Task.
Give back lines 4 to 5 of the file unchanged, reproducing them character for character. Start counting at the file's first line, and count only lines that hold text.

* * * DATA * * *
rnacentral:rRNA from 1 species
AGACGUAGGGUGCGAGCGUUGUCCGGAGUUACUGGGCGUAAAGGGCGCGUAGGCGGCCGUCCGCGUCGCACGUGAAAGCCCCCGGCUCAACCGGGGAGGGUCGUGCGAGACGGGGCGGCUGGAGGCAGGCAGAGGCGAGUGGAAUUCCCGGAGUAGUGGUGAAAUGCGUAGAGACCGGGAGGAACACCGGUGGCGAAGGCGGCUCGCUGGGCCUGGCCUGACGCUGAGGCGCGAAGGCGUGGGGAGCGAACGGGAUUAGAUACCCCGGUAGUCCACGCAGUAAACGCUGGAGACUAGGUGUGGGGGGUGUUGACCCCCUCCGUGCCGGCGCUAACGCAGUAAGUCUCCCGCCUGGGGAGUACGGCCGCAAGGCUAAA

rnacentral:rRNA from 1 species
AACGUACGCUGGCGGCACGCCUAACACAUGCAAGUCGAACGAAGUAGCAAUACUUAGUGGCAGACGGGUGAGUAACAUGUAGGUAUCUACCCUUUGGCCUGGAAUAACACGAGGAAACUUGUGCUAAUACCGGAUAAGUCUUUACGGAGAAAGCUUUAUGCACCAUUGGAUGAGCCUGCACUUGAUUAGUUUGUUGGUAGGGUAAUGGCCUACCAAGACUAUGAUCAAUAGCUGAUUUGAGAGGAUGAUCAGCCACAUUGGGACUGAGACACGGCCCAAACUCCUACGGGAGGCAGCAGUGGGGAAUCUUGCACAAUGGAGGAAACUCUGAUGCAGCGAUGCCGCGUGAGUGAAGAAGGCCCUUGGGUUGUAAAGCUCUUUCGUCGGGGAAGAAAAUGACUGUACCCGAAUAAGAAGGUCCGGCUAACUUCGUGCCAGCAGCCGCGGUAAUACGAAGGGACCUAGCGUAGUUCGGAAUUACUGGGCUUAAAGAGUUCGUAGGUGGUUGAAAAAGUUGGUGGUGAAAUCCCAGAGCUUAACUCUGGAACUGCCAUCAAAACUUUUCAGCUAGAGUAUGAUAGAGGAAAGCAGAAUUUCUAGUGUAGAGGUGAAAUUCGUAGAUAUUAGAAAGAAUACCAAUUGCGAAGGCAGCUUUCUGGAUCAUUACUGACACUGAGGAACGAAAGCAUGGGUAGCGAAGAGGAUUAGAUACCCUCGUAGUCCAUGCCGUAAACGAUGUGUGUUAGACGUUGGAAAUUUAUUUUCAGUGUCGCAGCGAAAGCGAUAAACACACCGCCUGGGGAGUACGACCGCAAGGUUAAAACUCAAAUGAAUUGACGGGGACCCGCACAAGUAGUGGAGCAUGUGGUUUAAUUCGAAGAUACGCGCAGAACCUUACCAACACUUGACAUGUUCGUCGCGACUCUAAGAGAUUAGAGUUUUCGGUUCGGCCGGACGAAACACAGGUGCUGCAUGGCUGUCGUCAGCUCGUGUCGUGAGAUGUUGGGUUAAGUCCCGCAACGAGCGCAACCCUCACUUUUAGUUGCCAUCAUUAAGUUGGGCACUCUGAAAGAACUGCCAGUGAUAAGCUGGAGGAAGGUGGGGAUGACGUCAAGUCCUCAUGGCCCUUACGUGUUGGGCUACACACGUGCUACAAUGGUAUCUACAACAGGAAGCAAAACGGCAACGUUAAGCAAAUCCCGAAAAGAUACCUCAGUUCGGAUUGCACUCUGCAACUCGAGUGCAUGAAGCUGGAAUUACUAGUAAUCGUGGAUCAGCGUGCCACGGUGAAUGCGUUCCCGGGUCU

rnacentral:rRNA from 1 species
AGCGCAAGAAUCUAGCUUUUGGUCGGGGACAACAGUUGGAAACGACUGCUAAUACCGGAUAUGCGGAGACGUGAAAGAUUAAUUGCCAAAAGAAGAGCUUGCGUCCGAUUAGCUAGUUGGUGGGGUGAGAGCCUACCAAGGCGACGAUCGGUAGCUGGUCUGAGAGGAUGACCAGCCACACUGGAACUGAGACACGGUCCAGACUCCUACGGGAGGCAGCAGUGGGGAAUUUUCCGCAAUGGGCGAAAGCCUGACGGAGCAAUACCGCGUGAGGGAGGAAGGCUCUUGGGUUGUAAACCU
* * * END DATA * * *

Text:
AACGUACGCUGGCGGCACGCCUAACACAUGCAAGUCGAACGAAGUAGCAAUACUUAGUGGCAGACGGGUGAGUAACAUGUAGGUAUCUACCCUUUGGCCUGGAAUAACACGAGGAAACUUGUGCUAAUACCGGAUAAGUCUUUACGGAGAAAGCUUUAUGCACCAUUGGAUGAGCCUGCACUUGAUUAGUUUGUUGGUAGGGUAAUGGCCUACCAAGACUAUGAUCAAUAGCUGAUUUGAGAGGAUGAUCAGCCACAUUGGGACUGAGACACGGCCCAAACUCCUACGGGAGGCAGCAGUGGGGAAUCUUGCACAAUGGAGGAAACUCUGAUGCAGCGAUGCCGCGUGAGUGAAGAAGGCCCUUGGGUUGUAAAGCUCUUUCGUCGGGGAAGAAAAUGACUGUACCCGAAUAAGAAGGUCCGGCUAACUUCGUGCCAGCAGCCGCGGUAAUACGAAGGGACCUAGCGUAGUUCGGAAUUACUGGGCUUAAAGAGUUCGUAGGUGGUUGAAAAAGUUGGUGGUGAAAUCCCAGAGCUUAACUCUGGAACUGCCAUCAAAACUUUUCAGCUAGAGUAUGAUAGAGGAAAGCAGAAUUUCUAGUGUAGAGGUGAAAUUCGUAGAUAUUAGAAAGAAUACCAAUUGCGAAGGCAGCUUUCUGGAUCAUUACUGACACUGAGGAACGAAAGCAUGGGUAGCGAAGAGGAUUAGAUACCCUCGUAGUCCAUGCCGUAAACGAUGUGUGUUAGACGUUGGAAAUUUAUUUUCAGUGUCGCAGCGAAAGCGAUAAACACACCGCCUGGGGAGUACGACCGCAAGGUUAAAACUCAAAUGAAUUGACGGGGACCCGCACAAGUAGUGGAGCAUGUGGUUUAAUUCGAAGAUACGCGCAGAACCUUACCAACACUUGACAUGUUCGUCGCGACUCUAAGAGAUUAGAGUUUUCGGUUCGGCCGGACGAAACACAGGUGCUGCAUGGCUGUCGUCAGCUCGUGUCGUGAGAUGUUGGGUUAAGUCCCGCAACGAGCGCAACCCUCACUUUUAGUUGCCAUCAUUAAGUUGGGCACUCUGAAAGAACUGCCAGUGAUAAGCUGGAGGAAGGUGGGGAUGACGUCAAGUCCUCAUGGCCCUUACGUGUUGGGCUACACACGUGCUACAAUGGUAUCUACAACAGGAAGCAAAACGGCAACGUUAAGCAAAUCCCGAAAAGAUACCUCAGUUCGGAUUGCACUCUGCAACUCGAGUGCAUGAAGCUGGAAUUACUAGUAAUCGUGGAUCAGCGUGCCACGGUGAAUGCGUUCCCGGGUCU

rnacentral:rRNA from 1 species